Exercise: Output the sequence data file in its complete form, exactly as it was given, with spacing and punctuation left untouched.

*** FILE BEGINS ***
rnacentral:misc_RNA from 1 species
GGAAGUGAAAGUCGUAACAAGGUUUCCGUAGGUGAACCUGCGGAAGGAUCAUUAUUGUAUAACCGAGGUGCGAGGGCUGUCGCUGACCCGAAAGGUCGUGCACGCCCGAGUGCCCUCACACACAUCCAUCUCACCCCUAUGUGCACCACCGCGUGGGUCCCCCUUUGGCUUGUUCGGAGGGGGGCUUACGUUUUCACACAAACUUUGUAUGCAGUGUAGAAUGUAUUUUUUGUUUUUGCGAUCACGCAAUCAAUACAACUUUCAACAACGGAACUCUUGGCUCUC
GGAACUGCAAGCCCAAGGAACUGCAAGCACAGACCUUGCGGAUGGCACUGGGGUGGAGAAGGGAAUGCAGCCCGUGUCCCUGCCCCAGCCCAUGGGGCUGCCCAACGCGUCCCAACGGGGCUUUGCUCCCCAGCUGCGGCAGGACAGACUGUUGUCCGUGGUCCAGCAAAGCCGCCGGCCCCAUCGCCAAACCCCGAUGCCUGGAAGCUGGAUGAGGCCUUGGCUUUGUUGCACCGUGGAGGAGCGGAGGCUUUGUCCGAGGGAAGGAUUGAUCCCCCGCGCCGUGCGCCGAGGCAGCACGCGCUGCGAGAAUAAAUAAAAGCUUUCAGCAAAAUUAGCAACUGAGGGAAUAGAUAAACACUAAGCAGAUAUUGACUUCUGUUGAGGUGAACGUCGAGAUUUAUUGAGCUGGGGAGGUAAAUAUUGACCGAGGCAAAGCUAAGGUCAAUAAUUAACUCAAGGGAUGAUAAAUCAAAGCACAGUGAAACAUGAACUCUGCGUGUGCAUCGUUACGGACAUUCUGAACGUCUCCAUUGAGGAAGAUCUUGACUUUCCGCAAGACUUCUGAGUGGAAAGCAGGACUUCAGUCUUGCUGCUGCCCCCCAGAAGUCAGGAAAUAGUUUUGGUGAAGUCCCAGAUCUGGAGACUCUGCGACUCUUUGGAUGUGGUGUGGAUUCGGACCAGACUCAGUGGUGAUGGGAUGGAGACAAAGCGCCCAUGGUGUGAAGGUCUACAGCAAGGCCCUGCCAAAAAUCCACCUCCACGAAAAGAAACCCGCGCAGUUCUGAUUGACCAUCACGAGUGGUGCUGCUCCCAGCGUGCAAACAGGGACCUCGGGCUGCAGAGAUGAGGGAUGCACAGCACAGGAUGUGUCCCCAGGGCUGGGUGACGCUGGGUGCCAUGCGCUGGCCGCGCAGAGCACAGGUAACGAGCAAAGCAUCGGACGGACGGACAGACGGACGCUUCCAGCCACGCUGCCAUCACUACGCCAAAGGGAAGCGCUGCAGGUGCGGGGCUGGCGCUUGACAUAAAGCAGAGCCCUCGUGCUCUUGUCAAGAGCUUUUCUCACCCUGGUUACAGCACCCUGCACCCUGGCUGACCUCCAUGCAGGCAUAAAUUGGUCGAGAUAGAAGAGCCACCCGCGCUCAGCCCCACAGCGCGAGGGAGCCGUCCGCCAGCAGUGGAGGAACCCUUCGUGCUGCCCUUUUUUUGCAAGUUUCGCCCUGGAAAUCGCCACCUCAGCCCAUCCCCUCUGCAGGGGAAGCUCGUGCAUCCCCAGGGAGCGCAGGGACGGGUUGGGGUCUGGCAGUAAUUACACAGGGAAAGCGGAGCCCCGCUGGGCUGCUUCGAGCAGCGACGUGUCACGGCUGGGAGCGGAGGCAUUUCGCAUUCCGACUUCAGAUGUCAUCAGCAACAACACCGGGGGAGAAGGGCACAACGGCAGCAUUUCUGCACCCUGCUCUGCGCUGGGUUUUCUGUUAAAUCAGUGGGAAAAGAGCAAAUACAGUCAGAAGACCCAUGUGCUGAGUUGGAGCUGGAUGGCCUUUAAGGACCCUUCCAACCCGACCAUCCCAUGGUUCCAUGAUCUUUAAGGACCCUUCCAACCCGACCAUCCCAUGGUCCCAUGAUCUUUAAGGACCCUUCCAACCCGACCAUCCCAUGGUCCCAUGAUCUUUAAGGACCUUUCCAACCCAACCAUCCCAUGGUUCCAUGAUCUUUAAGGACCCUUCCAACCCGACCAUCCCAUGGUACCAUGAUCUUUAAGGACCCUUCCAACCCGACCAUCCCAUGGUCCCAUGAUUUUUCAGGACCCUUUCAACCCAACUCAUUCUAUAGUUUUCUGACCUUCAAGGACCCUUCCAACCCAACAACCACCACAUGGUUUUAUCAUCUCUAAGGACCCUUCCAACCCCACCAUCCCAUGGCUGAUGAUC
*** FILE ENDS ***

rnacentral:misc_RNA from 1 species
GGAAGUGAAAGUCGUAACAAGGUUUCCGUAGGUGAACCUGCGGAAGGAUCAUUAUUGUAUAACCGAGGUGCGAGGGCUGUCGCUGACCCGAAAGGUCGUGCACGCCCGAGUGCCCUCACACACAUCCAUCUCACCCCUAUGUGCACCACCGCGUGGGUCCCCCUUUGGCUUGUUCGGAGGGGGGCUUACGUUUUCACACAAACUUUGUAUGCAGUGUAGAAUGUAUUUUUUGUUUUUGCGAUCACGCAAUCAAUACAACUUUCAACAACGGAACUCUUGGCUCUC
GGAACUGCAAGCCCAAGGAACUGCAAGCACAGACCUUGCGGAUGGCACUGGGGUGGAGAAGGGAAUGCAGCCCGUGUCCCUGCCCCAGCCCAUGGGGCUGCCCAACGCGUCCCAACGGGGCUUUGCUCCCCAGCUGCGGCAGGACAGACUGUUGUCCGUGGUCCAGCAAAGCCGCCGGCCCCAUCGCCAAACCCCGAUGCCUGGAAGCUGGAUGAGGCCUUGGCUUUGUUGCACCGUGGAGGAGCGGAGGCUUUGUCCGAGGGAAGGAUUGAUCCCCCGCGCCGUGCGCCGAGGCAGCACGCGCUGCGAGAAUAAAUAAAAGCUUUCAGCAAAAUUAGCAACUGAGGGAAUAGAUAAACACUAAGCAGAUAUUGACUUCUGUUGAGGUGAACGUCGAGAUUUAUUGAGCUGGGGAGGUAAAUAUUGACCGAGGCAAAGCUAAGGUCAAUAAUUAACUCAAGGGAUGAUAAAUCAAAGCACAGUGAAACAUGAACUCUGCGUGUGCAUCGUUACGGACAUUCUGAACGUCUCCAUUGAGGAAGAUCUUGACUUUCCGCAAGACUUCUGAGUGGAAAGCAGGACUUCAGUCUUGCUGCUGCCCCCCAGAAGUCAGGAAAUAGUUUUGGUGAAGUCCCAGAUCUGGAGACUCUGCGACUCUUUGGAUGUGGUGUGGAUUCGGACCAGACUCAGUGGUGAUGGGAUGGAGACAAAGCGCCCAUGGUGUGAAGGUCUACAGCAAGGCCCUGCCAAAAAUCCACCUCCACGAAAAGAAACCCGCGCAGUUCUGAUUGACCAUCACGAGUGGUGCUGCUCCCAGCGUGCAAACAGGGACCUCGGGCUGCAGAGAUGAGGGAUGCACAGCACAGGAUGUGUCCCCAGGGCUGGGUGACGCUGGGUGCCAUGCGCUGGCCGCGCAGAGCACAGGUAACGAGCAAAGCAUCGGACGGACGGACAGACGGACGCUUCCAGCCACGCUGCCAUCACUACGCCAAAGGGAAGCGCUGCAGGUGCGGGGCUGGCGCUUGACAUAAAGCAGAGCCCUCGUGCUCUUGUCAAGAGCUUUUCUCACCCUGGUUACAGCACCCUGCACCCUGGCUGACCUCCAUGCAGGCAUAAAUUGGUCGAGAUAGAAGAGCCACCCGCGCUCAGCCCCACAGCGCGAGGGAGCCGUCCGCCAGCAGUGGAGGAACCCUUCGUGCUGCCCUUUUUUUGCAAGUUUCGCCCUGGAAAUCGCCACCUCAGCCCAUCCCCUCUGCAGGGGAAGCUCGUGCAUCCCCAGGGAGCGCAGGGACGGGUUGGGGUCUGGCAGUAAUUACACAGGGAAAGCGGAGCCCCGCUGGGCUGCUUCGAGCAGCGACGUGUCACGGCUGGGAGCGGAGGCAUUUCGCAUUCCGACUUCAGAUGUCAUCAGCAACAACACCGGGGGAGAAGGGCACAACGGCAGCAUUUCUGCACCCUGCUCUGCGCUGGGUUUUCUGUUAAAUCAGUGGGAAAAGAGCAAAUACAGUCAGAAGACCCAUGUGCUGAGUUGGAGCUGGAUGGCCUUUAAGGACCCUUCCAACCCGACCAUCCCAUGGUUCCAUGAUCUUUAAGGACCCUUCCAACCCGACCAUCCCAUGGUCCCAUGAUCUUUAAGGACCCUUCCAACCCGACCAUCCCAUGGUCCCAUGAUCUUUAAGGACCUUUCCAACCCAACCAUCCCAUGGUUCCAUGAUCUUUAAGGACCCUUCCAACCCGACCAUCCCAUGGUACCAUGAUCUUUAAGGACCCUUCCAACCCGACCAUCCCAUGGUCCCAUGAUUUUUCAGGACCCUUUCAACCCAACUCAUUCUAUAGUUUUCUGACCUUCAAGGACCCUUCCAACCCAACAACCACCACAUGGUUUUAUCAUCUCUAAGGACCCUUCCAACCCCACCAUCCCAUGGCUGAUGAUC